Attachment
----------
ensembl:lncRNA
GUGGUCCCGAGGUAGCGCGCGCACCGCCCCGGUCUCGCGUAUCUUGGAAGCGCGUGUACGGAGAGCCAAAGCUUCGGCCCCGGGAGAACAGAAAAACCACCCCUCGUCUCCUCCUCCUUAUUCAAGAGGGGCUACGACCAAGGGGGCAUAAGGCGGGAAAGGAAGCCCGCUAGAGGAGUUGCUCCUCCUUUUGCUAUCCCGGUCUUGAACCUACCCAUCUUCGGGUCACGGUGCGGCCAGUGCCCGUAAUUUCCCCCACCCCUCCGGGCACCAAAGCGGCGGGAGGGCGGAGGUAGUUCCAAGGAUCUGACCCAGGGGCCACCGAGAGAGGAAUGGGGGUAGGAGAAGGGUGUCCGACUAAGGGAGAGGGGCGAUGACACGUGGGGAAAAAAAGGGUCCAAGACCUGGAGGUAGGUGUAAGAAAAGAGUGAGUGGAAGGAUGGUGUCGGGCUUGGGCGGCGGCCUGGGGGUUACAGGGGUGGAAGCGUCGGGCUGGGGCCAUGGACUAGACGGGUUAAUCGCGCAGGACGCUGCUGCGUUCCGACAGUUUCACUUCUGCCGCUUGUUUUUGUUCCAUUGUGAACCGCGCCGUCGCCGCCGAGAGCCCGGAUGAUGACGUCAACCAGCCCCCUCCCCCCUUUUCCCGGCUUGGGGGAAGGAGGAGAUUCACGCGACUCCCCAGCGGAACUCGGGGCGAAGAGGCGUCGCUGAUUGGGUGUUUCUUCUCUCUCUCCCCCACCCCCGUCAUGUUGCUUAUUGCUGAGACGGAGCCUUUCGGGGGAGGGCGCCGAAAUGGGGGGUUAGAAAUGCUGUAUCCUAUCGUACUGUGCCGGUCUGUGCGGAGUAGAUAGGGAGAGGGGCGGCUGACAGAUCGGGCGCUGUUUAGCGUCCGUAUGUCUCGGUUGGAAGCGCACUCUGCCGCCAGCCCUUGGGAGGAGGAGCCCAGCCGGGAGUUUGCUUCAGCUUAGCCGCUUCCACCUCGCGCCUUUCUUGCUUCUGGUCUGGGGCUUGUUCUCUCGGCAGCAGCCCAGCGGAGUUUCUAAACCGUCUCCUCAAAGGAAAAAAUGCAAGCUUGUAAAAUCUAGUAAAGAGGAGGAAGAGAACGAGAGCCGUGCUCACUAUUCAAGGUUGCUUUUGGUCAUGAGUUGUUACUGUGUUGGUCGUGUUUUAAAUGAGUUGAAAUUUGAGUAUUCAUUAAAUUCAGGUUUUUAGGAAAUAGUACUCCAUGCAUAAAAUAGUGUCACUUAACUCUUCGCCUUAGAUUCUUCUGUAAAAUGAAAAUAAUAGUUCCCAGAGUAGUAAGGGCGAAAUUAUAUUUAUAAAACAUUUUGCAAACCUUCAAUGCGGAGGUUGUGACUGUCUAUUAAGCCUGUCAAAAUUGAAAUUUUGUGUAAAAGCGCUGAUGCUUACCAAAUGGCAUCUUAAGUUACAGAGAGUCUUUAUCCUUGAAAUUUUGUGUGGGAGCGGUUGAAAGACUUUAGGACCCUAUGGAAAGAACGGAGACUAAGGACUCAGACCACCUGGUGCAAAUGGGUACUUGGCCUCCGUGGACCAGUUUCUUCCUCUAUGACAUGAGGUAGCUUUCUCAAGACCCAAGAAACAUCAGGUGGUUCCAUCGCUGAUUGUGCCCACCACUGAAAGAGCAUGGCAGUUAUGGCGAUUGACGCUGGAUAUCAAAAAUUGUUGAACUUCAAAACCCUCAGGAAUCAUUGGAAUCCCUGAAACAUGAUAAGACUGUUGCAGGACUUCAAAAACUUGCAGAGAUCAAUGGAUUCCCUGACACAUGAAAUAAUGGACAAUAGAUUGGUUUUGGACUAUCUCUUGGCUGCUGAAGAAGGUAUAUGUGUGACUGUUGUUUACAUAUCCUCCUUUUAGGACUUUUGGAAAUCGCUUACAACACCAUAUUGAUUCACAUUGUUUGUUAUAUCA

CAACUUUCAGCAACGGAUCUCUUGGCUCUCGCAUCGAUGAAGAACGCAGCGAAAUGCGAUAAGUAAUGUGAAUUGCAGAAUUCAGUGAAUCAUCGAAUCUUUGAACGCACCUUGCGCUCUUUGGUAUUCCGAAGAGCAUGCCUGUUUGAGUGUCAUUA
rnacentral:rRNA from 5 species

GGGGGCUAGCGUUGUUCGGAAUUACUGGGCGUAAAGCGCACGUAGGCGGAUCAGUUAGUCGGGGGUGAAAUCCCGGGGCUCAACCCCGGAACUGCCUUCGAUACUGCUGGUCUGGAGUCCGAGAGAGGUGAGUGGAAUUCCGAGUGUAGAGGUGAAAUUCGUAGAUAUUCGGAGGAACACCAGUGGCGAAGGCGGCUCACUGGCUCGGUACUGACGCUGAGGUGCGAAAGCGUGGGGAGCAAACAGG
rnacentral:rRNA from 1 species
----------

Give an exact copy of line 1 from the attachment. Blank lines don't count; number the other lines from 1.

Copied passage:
ensembl:lncRNA